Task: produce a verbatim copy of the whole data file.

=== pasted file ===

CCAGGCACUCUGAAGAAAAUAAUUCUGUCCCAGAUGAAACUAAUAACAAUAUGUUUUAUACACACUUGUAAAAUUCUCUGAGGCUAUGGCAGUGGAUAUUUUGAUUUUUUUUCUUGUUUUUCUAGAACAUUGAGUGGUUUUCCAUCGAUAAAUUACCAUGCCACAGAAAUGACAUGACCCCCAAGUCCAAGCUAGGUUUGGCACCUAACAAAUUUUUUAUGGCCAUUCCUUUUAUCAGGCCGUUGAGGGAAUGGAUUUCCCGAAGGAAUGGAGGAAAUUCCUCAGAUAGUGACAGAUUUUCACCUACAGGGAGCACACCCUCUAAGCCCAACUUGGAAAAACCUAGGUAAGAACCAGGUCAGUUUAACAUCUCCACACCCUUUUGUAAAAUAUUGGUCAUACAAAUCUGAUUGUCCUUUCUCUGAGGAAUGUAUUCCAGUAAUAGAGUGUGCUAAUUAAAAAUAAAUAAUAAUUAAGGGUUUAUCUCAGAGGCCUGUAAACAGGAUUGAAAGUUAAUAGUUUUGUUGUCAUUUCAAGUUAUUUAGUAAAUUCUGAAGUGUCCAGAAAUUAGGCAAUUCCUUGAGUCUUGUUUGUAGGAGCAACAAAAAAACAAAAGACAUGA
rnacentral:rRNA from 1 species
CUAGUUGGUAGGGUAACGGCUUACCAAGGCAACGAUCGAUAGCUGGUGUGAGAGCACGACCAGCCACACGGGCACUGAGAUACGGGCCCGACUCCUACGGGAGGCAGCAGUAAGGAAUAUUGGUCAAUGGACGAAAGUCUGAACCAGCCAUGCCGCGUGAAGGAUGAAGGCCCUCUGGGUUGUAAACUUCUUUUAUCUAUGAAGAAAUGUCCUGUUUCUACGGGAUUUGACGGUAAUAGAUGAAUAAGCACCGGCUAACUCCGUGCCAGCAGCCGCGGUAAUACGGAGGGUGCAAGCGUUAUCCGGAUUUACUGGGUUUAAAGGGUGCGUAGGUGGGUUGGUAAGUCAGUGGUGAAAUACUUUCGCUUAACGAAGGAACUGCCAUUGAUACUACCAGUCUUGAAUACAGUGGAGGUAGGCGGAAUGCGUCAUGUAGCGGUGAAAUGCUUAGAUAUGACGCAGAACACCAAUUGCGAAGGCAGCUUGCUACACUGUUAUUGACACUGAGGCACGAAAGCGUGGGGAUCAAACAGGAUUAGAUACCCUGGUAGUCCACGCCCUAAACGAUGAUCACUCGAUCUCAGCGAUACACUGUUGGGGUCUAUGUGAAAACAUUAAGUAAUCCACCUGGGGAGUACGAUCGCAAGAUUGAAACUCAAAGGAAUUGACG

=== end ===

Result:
CCAGGCACUCUGAAGAAAAUAAUUCUGUCCCAGAUGAAACUAAUAACAAUAUGUUUUAUACACACUUGUAAAAUUCUCUGAGGCUAUGGCAGUGGAUAUUUUGAUUUUUUUUCUUGUUUUUCUAGAACAUUGAGUGGUUUUCCAUCGAUAAAUUACCAUGCCACAGAAAUGACAUGACCCCCAAGUCCAAGCUAGGUUUGGCACCUAACAAAUUUUUUAUGGCCAUUCCUUUUAUCAGGCCGUUGAGGGAAUGGAUUUCCCGAAGGAAUGGAGGAAAUUCCUCAGAUAGUGACAGAUUUUCACCUACAGGGAGCACACCCUCUAAGCCCAACUUGGAAAAACCUAGGUAAGAACCAGGUCAGUUUAACAUCUCCACACCCUUUUGUAAAAUAUUGGUCAUACAAAUCUGAUUGUCCUUUCUCUGAGGAAUGUAUUCCAGUAAUAGAGUGUGCUAAUUAAAAAUAAAUAAUAAUUAAGGGUUUAUCUCAGAGGCCUGUAAACAGGAUUGAAAGUUAAUAGUUUUGUUGUCAUUUCAAGUUAUUUAGUAAAUUCUGAAGUGUCCAGAAAUUAGGCAAUUCCUUGAGUCUUGUUUGUAGGAGCAACAAAAAAACAAAAGACAUGA
rnacentral:rRNA from 1 species
CUAGUUGGUAGGGUAACGGCUUACCAAGGCAACGAUCGAUAGCUGGUGUGAGAGCACGACCAGCCACACGGGCACUGAGAUACGGGCCCGACUCCUACGGGAGGCAGCAGUAAGGAAUAUUGGUCAAUGGACGAAAGUCUGAACCAGCCAUGCCGCGUGAAGGAUGAAGGCCCUCUGGGUUGUAAACUUCUUUUAUCUAUGAAGAAAUGUCCUGUUUCUACGGGAUUUGACGGUAAUAGAUGAAUAAGCACCGGCUAACUCCGUGCCAGCAGCCGCGGUAAUACGGAGGGUGCAAGCGUUAUCCGGAUUUACUGGGUUUAAAGGGUGCGUAGGUGGGUUGGUAAGUCAGUGGUGAAAUACUUUCGCUUAACGAAGGAACUGCCAUUGAUACUACCAGUCUUGAAUACAGUGGAGGUAGGCGGAAUGCGUCAUGUAGCGGUGAAAUGCUUAGAUAUGACGCAGAACACCAAUUGCGAAGGCAGCUUGCUACACUGUUAUUGACACUGAGGCACGAAAGCGUGGGGAUCAAACAGGAUUAGAUACCCUGGUAGUCCACGCCCUAAACGAUGAUCACUCGAUCUCAGCGAUACACUGUUGGGGUCUAUGUGAAAACAUUAAGUAAUCCACCUGGGGAGUACGAUCGCAAGAUUGAAACUCAAAGGAAUUGACG